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Iron-deficiency anaemia: signs, symptoms and information
Author: Sr. Erika Botha
Published: 30/08/2019

Anaemia occurs when you have a decreased level of hemoglobin in your red blood cells (RBCs). Hemoglobin is the protein in your RBCs that is responsible for carrying oxygen to your tissues.

Iron deficiency anaemia is the most common type of anaemia, and it occurs when your body doesn't have enough of the mineral iron. Your body needs iron to make hemoglobin. When there isn't enough iron in your blood stream, the rest of your body can't get the amount of oxygen it needs.

While the condition may be common, many people don't know they have iron deficiency anaemia. It's possible to experience the symptoms for years without ever knowing the cause!

In women of childbearing age, the most common cause of iron deficiency anaemia is a loss of iron in the blood due to heavy menstruation or pregnancy. A poor diet or certain intestinal diseases that affect how the body absorbs iron can also cause iron deficiency anaemia.

Doctors normally treat the condition with iron supplements or changes to the diet.



1. Unusual Tiredness

Fatigue is one of the most common signs of iron deficiency. This is due to less oxygen reaching body tissues, depriving them of energy.

2. Paleness

Paleness in general or in specific areas such as the face, lower inner eyelid or nails may be a sign of moderate or severe iron deficiency. This is caused by lower levels of hemoglobin, which gives blood its red color.

3. Shortness of Breath

Shortness of breath is a symptom of iron deficiency, since low hemoglobin levels mean the body isn't able to transport oxygen to muscles and tissues effectively.

4. Headaches and Dizziness

Headaches and dizziness could be a sign of iron deficiency. The lack of hemoglobin means not enough oxygen reaches the brain, causing its blood vessels to swell and create pressure.

5. Heart Palpitations

In cases of iron deficiency, the heart has to work extra hard to transport oxygen around the body. This can lead to irregular or fast heartbeats and even heart murmurs, an enlarged heart or heart failure.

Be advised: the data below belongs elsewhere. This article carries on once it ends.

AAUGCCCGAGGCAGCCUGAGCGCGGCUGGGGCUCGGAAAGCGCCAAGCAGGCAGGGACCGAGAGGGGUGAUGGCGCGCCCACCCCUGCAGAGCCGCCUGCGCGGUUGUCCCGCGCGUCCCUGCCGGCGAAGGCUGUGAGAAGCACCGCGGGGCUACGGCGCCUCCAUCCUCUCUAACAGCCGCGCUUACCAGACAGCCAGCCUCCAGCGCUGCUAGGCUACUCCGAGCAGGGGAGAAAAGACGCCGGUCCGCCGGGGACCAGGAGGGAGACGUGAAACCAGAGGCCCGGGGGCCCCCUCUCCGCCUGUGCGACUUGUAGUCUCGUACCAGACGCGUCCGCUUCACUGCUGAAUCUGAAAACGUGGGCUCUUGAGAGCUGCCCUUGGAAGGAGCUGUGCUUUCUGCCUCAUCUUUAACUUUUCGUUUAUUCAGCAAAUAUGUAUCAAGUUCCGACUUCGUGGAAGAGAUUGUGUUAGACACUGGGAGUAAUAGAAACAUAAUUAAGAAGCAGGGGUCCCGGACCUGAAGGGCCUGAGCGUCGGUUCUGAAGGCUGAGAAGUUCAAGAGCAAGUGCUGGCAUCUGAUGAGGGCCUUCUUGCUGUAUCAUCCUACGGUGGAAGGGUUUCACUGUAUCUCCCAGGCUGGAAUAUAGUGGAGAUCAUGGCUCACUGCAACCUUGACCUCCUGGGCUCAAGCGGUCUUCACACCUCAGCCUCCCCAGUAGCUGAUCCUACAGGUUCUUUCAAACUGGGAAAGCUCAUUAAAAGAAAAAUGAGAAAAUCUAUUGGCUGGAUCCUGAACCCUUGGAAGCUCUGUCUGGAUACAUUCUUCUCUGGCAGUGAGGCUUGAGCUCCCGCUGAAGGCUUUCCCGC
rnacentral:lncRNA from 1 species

6. Dry and Damaged Hair and Skin

Because skin and hair receive less oxygen from the blood during iron deficiency, they can become dry and damaged. In more severe cases, this can cause hair loss.

7. Swelling and Soreness of the Tongue and Mouth

A sore, swollen or strangely smooth tongue can be a sign of iron-deficiency anaemia. Cracks on the corners of the mouth can also be a sign.

8. Restless Legs

People with iron-deficiency anaemia have a higher chance of experiencing restless leg syndrome. This is a strong urge to move the legs when at rest.

9. Brittle or Spoon-Shaped Fingernails

Brittle or spoon-shaped nails can be an indicator of more severe iron-deficiency anaemia.

10. Other Potential Signs

Other more generic signs of iron deficiency may include strange food cravings, feeling anxious, cold hands and feet and an increased risk of infections.


Some people have obvious symptoms, while others experience none at all. This often depends on the severity of the anaemia.



If you think you have iron-deficiency anaemia, talk to your doctor, who will likely recommend more iron-rich foods (plus vitamin C to increase your iron absorption) or possibly iron supplements. Luckily, most forms of iron deficiency can be treated fairly easily, usually through an iron-rich diet or iron supplements, if your doctor recommends them.


The Bottom Line: Iron-deficiency anaemia is the most common type of anaemia worldwide.

If you think you have symptoms of iron deficiency, be sure to visit your doctor. Self-diagnosing is not recommended.


For more information about iron-deficiency anaemia, contact us at Campus Health Services (021 808 3496) or pop over to see a nursing sister.